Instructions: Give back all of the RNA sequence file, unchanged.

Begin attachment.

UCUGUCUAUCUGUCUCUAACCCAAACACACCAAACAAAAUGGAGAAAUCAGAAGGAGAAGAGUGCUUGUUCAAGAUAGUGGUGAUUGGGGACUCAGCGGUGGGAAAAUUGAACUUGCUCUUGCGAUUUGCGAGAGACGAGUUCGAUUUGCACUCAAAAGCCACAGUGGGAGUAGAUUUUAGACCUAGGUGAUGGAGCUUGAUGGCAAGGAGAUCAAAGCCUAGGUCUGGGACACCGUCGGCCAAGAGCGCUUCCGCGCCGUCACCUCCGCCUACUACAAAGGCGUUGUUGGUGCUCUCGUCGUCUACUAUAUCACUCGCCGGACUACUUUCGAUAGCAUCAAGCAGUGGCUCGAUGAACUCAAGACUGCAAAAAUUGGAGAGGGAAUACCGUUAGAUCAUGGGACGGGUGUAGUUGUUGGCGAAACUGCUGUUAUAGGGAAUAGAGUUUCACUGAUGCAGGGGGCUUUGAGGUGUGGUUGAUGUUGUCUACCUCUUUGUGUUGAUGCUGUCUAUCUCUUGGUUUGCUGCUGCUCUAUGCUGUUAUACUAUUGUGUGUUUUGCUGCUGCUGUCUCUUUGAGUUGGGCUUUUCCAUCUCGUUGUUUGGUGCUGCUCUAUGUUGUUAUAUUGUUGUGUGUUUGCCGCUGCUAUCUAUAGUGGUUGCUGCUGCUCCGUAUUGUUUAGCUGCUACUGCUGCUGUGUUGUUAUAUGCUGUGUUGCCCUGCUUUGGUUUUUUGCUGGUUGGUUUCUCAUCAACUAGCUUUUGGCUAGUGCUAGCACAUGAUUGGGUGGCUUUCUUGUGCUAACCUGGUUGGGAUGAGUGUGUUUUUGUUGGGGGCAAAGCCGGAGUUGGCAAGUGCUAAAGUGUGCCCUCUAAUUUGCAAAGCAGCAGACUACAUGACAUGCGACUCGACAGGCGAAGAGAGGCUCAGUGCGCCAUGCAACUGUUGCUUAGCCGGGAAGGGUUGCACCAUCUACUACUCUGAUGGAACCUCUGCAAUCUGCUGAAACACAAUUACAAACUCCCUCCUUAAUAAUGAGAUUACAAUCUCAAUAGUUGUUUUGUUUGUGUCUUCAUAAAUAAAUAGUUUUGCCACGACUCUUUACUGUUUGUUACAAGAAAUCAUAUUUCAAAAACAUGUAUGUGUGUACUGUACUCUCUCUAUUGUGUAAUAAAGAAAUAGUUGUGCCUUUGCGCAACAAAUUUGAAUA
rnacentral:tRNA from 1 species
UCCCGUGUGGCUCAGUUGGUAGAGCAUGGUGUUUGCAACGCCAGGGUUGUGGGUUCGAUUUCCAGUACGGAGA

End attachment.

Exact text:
UCUGUCUAUCUGUCUCUAACCCAAACACACCAAACAAAAUGGAGAAAUCAGAAGGAGAAGAGUGCUUGUUCAAGAUAGUGGUGAUUGGGGACUCAGCGGUGGGAAAAUUGAACUUGCUCUUGCGAUUUGCGAGAGACGAGUUCGAUUUGCACUCAAAAGCCACAGUGGGAGUAGAUUUUAGACCUAGGUGAUGGAGCUUGAUGGCAAGGAGAUCAAAGCCUAGGUCUGGGACACCGUCGGCCAAGAGCGCUUCCGCGCCGUCACCUCCGCCUACUACAAAGGCGUUGUUGGUGCUCUCGUCGUCUACUAUAUCACUCGCCGGACUACUUUCGAUAGCAUCAAGCAGUGGCUCGAUGAACUCAAGACUGCAAAAAUUGGAGAGGGAAUACCGUUAGAUCAUGGGACGGGUGUAGUUGUUGGCGAAACUGCUGUUAUAGGGAAUAGAGUUUCACUGAUGCAGGGGGCUUUGAGGUGUGGUUGAUGUUGUCUACCUCUUUGUGUUGAUGCUGUCUAUCUCUUGGUUUGCUGCUGCUCUAUGCUGUUAUACUAUUGUGUGUUUUGCUGCUGCUGUCUCUUUGAGUUGGGCUUUUCCAUCUCGUUGUUUGGUGCUGCUCUAUGUUGUUAUAUUGUUGUGUGUUUGCCGCUGCUAUCUAUAGUGGUUGCUGCUGCUCCGUAUUGUUUAGCUGCUACUGCUGCUGUGUUGUUAUAUGCUGUGUUGCCCUGCUUUGGUUUUUUGCUGGUUGGUUUCUCAUCAACUAGCUUUUGGCUAGUGCUAGCACAUGAUUGGGUGGCUUUCUUGUGCUAACCUGGUUGGGAUGAGUGUGUUUUUGUUGGGGGCAAAGCCGGAGUUGGCAAGUGCUAAAGUGUGCCCUCUAAUUUGCAAAGCAGCAGACUACAUGACAUGCGACUCGACAGGCGAAGAGAGGCUCAGUGCGCCAUGCAACUGUUGCUUAGCCGGGAAGGGUUGCACCAUCUACUACUCUGAUGGAACCUCUGCAAUCUGCUGAAACACAAUUACAAACUCCCUCCUUAAUAAUGAGAUUACAAUCUCAAUAGUUGUUUUGUUUGUGUCUUCAUAAAUAAAUAGUUUUGCCACGACUCUUUACUGUUUGUUACAAGAAAUCAUAUUUCAAAAACAUGUAUGUGUGUACUGUACUCUCUCUAUUGUGUAAUAAAGAAAUAGUUGUGCCUUUGCGCAACAAAUUUGAAUA
rnacentral:tRNA from 1 species
UCCCGUGUGGCUCAGUUGGUAGAGCAUGGUGUUUGCAACGCCAGGGUUGUGGGUUCGAUUUCCAGUACGGAGA